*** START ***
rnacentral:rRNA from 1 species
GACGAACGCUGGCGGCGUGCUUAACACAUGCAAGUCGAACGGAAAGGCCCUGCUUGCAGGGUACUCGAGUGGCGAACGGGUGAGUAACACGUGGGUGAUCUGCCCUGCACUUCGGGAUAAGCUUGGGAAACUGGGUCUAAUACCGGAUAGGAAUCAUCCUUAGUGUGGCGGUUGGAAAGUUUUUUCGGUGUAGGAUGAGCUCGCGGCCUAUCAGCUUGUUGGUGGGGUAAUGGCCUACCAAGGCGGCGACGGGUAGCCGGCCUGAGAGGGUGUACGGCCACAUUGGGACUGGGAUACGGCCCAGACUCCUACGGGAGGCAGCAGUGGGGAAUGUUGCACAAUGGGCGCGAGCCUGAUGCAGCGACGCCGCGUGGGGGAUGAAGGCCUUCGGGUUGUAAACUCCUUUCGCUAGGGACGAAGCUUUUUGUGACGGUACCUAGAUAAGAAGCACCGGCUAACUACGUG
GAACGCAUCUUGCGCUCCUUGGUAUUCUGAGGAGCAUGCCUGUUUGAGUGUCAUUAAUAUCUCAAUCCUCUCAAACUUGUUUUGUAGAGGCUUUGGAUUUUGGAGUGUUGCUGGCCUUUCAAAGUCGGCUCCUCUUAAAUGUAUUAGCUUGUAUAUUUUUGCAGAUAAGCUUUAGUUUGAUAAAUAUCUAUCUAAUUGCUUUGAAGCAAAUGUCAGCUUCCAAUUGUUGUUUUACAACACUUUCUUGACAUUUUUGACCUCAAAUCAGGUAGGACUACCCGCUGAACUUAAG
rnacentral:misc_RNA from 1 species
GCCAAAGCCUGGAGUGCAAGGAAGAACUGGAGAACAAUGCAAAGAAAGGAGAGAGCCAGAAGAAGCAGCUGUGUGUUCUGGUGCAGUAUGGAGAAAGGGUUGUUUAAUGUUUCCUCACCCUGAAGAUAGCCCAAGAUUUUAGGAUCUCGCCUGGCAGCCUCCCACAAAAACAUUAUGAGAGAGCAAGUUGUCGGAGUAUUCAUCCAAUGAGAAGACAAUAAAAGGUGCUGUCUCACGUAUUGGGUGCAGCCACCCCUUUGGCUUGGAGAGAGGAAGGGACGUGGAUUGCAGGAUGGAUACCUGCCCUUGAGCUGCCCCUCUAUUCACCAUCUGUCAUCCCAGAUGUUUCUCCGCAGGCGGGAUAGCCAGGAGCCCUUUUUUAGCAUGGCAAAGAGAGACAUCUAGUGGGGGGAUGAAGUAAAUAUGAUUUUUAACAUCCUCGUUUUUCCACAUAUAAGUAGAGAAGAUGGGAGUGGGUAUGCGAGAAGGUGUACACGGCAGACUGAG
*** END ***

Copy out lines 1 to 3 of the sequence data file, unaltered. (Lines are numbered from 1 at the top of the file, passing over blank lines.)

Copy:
rnacentral:rRNA from 1 species
GACGAACGCUGGCGGCGUGCUUAACACAUGCAAGUCGAACGGAAAGGCCCUGCUUGCAGGGUACUCGAGUGGCGAACGGGUGAGUAACACGUGGGUGAUCUGCCCUGCACUUCGGGAUAAGCUUGGGAAACUGGGUCUAAUACCGGAUAGGAAUCAUCCUUAGUGUGGCGGUUGGAAAGUUUUUUCGGUGUAGGAUGAGCUCGCGGCCUAUCAGCUUGUUGGUGGGGUAAUGGCCUACCAAGGCGGCGACGGGUAGCCGGCCUGAGAGGGUGUACGGCCACAUUGGGACUGGGAUACGGCCCAGACUCCUACGGGAGGCAGCAGUGGGGAAUGUUGCACAAUGGGCGCGAGCCUGAUGCAGCGACGCCGCGUGGGGGAUGAAGGCCUUCGGGUUGUAAACUCCUUUCGCUAGGGACGAAGCUUUUUGUGACGGUACCUAGAUAAGAAGCACCGGCUAACUACGUG
GAACGCAUCUUGCGCUCCUUGGUAUUCUGAGGAGCAUGCCUGUUUGAGUGUCAUUAAUAUCUCAAUCCUCUCAAACUUGUUUUGUAGAGGCUUUGGAUUUUGGAGUGUUGCUGGCCUUUCAAAGUCGGCUCCUCUUAAAUGUAUUAGCUUGUAUAUUUUUGCAGAUAAGCUUUAGUUUGAUAAAUAUCUAUCUAAUUGCUUUGAAGCAAAUGUCAGCUUCCAAUUGUUGUUUUACAACACUUUCUUGACAUUUUUGACCUCAAAUCAGGUAGGACUACCCGCUGAACUUAAG